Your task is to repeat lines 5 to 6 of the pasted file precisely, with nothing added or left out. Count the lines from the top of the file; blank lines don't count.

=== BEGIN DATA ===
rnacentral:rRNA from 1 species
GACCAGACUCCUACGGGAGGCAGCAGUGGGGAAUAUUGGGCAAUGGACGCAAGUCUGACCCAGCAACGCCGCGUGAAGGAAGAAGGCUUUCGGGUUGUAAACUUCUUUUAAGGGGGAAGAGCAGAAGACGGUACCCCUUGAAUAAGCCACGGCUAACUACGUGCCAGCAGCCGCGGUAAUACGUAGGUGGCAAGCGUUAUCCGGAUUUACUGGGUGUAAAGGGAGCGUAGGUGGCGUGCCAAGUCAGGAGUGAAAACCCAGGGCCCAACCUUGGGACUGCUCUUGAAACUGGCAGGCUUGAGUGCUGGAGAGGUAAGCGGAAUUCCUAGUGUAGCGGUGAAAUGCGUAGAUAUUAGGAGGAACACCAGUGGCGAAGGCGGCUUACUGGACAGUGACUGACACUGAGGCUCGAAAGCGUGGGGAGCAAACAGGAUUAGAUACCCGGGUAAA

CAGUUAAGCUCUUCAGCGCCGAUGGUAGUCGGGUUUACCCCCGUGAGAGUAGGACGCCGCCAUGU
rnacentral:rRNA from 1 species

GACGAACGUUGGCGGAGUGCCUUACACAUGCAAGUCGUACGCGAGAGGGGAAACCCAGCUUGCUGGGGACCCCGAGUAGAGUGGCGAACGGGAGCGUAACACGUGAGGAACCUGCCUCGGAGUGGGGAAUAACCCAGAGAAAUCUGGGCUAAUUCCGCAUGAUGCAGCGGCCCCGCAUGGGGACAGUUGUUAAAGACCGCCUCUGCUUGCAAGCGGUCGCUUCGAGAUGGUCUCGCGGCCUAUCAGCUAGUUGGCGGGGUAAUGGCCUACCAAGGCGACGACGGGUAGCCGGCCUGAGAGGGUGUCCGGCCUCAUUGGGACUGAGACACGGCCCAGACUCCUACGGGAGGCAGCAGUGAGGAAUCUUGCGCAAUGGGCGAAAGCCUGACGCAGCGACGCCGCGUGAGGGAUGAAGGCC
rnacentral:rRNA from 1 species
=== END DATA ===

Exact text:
GACGAACGUUGGCGGAGUGCCUUACACAUGCAAGUCGUACGCGAGAGGGGAAACCCAGCUUGCUGGGGACCCCGAGUAGAGUGGCGAACGGGAGCGUAACACGUGAGGAACCUGCCUCGGAGUGGGGAAUAACCCAGAGAAAUCUGGGCUAAUUCCGCAUGAUGCAGCGGCCCCGCAUGGGGACAGUUGUUAAAGACCGCCUCUGCUUGCAAGCGGUCGCUUCGAGAUGGUCUCGCGGCCUAUCAGCUAGUUGGCGGGGUAAUGGCCUACCAAGGCGACGACGGGUAGCCGGCCUGAGAGGGUGUCCGGCCUCAUUGGGACUGAGACACGGCCCAGACUCCUACGGGAGGCAGCAGUGAGGAAUCUUGCGCAAUGGGCGAAAGCCUGACGCAGCGACGCCGCGUGAGGGAUGAAGGCC
rnacentral:rRNA from 1 species